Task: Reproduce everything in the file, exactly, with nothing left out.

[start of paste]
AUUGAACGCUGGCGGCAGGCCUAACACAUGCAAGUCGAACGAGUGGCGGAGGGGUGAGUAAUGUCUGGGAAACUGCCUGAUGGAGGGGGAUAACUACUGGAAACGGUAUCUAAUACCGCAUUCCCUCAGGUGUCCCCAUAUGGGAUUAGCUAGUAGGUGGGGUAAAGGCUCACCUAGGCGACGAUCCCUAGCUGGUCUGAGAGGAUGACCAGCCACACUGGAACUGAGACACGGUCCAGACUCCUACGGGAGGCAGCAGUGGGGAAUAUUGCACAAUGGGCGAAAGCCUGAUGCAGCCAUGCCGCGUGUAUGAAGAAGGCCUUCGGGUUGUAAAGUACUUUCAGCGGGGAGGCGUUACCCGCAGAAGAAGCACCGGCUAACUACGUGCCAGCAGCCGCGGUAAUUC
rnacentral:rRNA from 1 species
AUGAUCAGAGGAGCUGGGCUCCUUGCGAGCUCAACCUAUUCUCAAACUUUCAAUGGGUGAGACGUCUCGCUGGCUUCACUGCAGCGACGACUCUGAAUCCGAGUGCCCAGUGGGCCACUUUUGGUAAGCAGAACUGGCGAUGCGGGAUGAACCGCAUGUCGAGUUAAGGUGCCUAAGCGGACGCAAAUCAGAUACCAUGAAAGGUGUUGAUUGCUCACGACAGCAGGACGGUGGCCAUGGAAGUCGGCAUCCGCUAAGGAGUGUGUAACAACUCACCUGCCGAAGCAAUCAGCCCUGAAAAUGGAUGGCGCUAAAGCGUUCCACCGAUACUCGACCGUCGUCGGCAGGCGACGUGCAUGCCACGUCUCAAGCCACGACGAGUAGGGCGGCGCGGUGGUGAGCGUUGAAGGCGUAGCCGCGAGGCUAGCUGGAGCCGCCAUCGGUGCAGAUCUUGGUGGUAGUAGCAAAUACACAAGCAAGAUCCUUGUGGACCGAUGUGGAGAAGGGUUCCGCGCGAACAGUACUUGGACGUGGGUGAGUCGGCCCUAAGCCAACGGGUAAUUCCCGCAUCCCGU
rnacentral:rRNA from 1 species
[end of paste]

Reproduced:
AUUGAACGCUGGCGGCAGGCCUAACACAUGCAAGUCGAACGAGUGGCGGAGGGGUGAGUAAUGUCUGGGAAACUGCCUGAUGGAGGGGGAUAACUACUGGAAACGGUAUCUAAUACCGCAUUCCCUCAGGUGUCCCCAUAUGGGAUUAGCUAGUAGGUGGGGUAAAGGCUCACCUAGGCGACGAUCCCUAGCUGGUCUGAGAGGAUGACCAGCCACACUGGAACUGAGACACGGUCCAGACUCCUACGGGAGGCAGCAGUGGGGAAUAUUGCACAAUGGGCGAAAGCCUGAUGCAGCCAUGCCGCGUGUAUGAAGAAGGCCUUCGGGUUGUAAAGUACUUUCAGCGGGGAGGCGUUACCCGCAGAAGAAGCACCGGCUAACUACGUGCCAGCAGCCGCGGUAAUUC
rnacentral:rRNA from 1 species
AUGAUCAGAGGAGCUGGGCUCCUUGCGAGCUCAACCUAUUCUCAAACUUUCAAUGGGUGAGACGUCUCGCUGGCUUCACUGCAGCGACGACUCUGAAUCCGAGUGCCCAGUGGGCCACUUUUGGUAAGCAGAACUGGCGAUGCGGGAUGAACCGCAUGUCGAGUUAAGGUGCCUAAGCGGACGCAAAUCAGAUACCAUGAAAGGUGUUGAUUGCUCACGACAGCAGGACGGUGGCCAUGGAAGUCGGCAUCCGCUAAGGAGUGUGUAACAACUCACCUGCCGAAGCAAUCAGCCCUGAAAAUGGAUGGCGCUAAAGCGUUCCACCGAUACUCGACCGUCGUCGGCAGGCGACGUGCAUGCCACGUCUCAAGCCACGACGAGUAGGGCGGCGCGGUGGUGAGCGUUGAAGGCGUAGCCGCGAGGCUAGCUGGAGCCGCCAUCGGUGCAGAUCUUGGUGGUAGUAGCAAAUACACAAGCAAGAUCCUUGUGGACCGAUGUGGAGAAGGGUUCCGCGCGAACAGUACUUGGACGUGGGUGAGUCGGCCCUAAGCCAACGGGUAAUUCCCGCAUCCCGU
rnacentral:rRNA from 1 species